My daughter called me fat. Talk about a catty punch in the flabby gut. But probably not for the reason you might think. I was not offended by her perception of my body habitus. I was hurt that my beautiful daughter at the so young age of 3 understands that “fat” is not merely the name for the layer of cells underneath the skin of all animals. She understood that “fat” was bad. And it may be my fault.
As a rule there is no catty self talk in my house. There is no “I feel so fat today” or “my thighs are so gross” or even “omg, when did he get so huge.” We just don’t do it. So when my 3 year old daughter pointed to my bare tummy, laughed and said “Mama, you’re getting fat!” I knew she had not heard that endearing expression from me.
Turns out a kid at school has been calling my daughter fat. And just when I think that I have conquered those fat, self-loathing demons they rear their ugly heads at me through my daughter. And in the moment where I should be the strong, unbiased mother doling out sage wisdom about body image and beauty and kindness I revert to the shy, whimpering, too-sensitive girl who was teased for being fat.
So with hindsight being 20/20 here is what I wish I had said:
You are too young to fully understand how badly words can hurt. Part of me hopes you will never truly understand. I would love to shield you from all of those hurts but I know that is not possible.
I’m going to tell you a secret…I’m not perfect. I have always struggled with my weight and with accepting my body. I wasted too many years of my life feeling “less than” because I didn’t feel comfortable in my own skin.
So when you told me that a kid in your class called you fat I automatically wanted to kick that kid in the shins wanted to cuddle you and make you feel better after hearing that someone had been cruel to you. But I may have been misguided. I assumed that the comment hurt your feelings because it would have hurt mine.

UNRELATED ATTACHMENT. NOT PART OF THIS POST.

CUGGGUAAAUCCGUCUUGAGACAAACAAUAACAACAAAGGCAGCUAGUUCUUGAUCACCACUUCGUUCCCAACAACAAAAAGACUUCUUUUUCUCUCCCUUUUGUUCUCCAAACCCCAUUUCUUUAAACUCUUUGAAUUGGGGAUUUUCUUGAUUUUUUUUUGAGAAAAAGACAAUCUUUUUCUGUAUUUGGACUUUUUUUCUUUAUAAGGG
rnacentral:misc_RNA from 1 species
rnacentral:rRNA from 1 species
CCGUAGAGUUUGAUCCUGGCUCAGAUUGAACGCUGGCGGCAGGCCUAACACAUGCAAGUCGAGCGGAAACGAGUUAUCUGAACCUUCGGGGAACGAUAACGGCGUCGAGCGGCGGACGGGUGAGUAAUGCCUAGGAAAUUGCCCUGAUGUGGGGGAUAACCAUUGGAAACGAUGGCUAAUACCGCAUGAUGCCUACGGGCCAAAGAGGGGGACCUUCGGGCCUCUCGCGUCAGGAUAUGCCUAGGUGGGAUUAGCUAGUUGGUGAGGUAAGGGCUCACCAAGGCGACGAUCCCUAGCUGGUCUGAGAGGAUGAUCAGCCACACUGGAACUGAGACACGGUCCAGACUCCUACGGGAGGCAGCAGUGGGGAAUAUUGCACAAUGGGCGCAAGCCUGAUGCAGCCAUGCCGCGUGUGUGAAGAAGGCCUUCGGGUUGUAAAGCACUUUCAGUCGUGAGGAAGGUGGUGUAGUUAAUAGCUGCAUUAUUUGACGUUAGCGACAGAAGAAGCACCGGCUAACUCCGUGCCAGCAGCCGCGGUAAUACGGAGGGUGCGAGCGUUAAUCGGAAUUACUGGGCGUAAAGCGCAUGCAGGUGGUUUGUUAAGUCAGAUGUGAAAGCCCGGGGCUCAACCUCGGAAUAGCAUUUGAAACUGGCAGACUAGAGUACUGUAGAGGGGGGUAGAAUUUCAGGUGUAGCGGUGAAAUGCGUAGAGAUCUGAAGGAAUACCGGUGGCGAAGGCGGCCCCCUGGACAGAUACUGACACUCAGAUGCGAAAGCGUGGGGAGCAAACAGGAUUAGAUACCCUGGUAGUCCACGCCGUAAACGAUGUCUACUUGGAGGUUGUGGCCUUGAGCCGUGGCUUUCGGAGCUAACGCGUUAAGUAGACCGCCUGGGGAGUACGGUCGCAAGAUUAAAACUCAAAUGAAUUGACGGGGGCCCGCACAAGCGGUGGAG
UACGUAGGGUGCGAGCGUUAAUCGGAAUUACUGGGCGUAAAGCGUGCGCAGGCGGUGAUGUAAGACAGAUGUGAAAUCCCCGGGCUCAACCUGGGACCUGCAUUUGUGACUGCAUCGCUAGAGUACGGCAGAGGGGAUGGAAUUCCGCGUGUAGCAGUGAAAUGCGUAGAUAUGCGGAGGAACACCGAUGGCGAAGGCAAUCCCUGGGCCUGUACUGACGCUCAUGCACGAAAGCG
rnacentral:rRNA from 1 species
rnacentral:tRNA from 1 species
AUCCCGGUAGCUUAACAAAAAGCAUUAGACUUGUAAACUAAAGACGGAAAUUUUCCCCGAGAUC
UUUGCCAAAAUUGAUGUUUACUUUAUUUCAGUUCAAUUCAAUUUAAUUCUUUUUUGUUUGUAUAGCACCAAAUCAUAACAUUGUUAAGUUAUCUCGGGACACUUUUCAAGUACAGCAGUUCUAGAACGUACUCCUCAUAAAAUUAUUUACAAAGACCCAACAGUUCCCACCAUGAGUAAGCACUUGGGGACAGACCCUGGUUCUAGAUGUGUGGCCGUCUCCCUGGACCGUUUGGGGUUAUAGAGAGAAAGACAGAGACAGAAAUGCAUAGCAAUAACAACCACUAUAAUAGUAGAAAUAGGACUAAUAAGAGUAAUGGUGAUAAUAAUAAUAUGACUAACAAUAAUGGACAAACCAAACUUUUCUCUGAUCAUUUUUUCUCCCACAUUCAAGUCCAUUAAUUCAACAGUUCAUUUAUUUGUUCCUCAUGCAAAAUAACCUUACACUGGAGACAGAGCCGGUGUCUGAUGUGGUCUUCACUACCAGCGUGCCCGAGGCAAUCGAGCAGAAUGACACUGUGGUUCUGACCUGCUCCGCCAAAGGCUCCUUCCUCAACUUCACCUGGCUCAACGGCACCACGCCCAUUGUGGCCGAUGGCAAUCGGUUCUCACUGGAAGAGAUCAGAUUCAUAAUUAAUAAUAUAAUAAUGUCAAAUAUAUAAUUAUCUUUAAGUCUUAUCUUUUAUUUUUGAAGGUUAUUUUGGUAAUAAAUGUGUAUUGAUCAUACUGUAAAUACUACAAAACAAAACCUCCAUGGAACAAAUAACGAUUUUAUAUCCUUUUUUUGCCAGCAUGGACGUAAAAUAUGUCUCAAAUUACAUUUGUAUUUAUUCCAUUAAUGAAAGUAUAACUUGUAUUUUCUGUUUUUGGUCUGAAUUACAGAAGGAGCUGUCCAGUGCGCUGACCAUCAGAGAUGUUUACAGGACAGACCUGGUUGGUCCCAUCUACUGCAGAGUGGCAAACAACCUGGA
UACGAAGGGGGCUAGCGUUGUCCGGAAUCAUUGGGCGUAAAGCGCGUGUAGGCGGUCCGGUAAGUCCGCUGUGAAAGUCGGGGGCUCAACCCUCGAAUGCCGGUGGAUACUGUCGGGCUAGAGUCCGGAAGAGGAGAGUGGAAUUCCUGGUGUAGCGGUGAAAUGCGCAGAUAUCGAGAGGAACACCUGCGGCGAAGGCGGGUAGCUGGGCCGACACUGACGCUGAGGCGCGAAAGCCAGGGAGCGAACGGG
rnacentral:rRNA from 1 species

As a kid I listened to classmates call me fat and I believed them. I believed that there was something wrong with the way I looked, something that I should change about myself to make other people more comfortable. But that is where I was wrong. I was always perfect just the way I was. And so are you.
Your body will change in so many ways as you grow and mature. Some changes will come so suddenly they will give you whiplash. There may be times when you look in the mirror and feel unhappy with what you see there. It’s ok to want to be stronger and more fit as long as you understand that happiness doesn’t come from a certain size or from a carton of Blue Bell. All that matters is that you remain healthy and love yourself.
I promise to continue to curb the body comments, not just the “fat” ones, because it’s just rude to comment on the nature of someone else’s body. I promise to keep having this conversation with you as you grow older.
And baby girl, fat is not a bad word. Your mama spent too long waiting for her body to be perfect and expecting that perfection to bring her happiness. But true happiness starts on the inside. Your worth is based on your humanity, your selflessness and how you treat others. Your strength comes from your muscles but also your heart.
So my sweet, silly, funny, creative, musical Butterbean let’s continue to grow together.
All my love,
Mama (aka AIBC Team Member Ashley)
#fatisnotabadword #mamalovesyou #bodyimage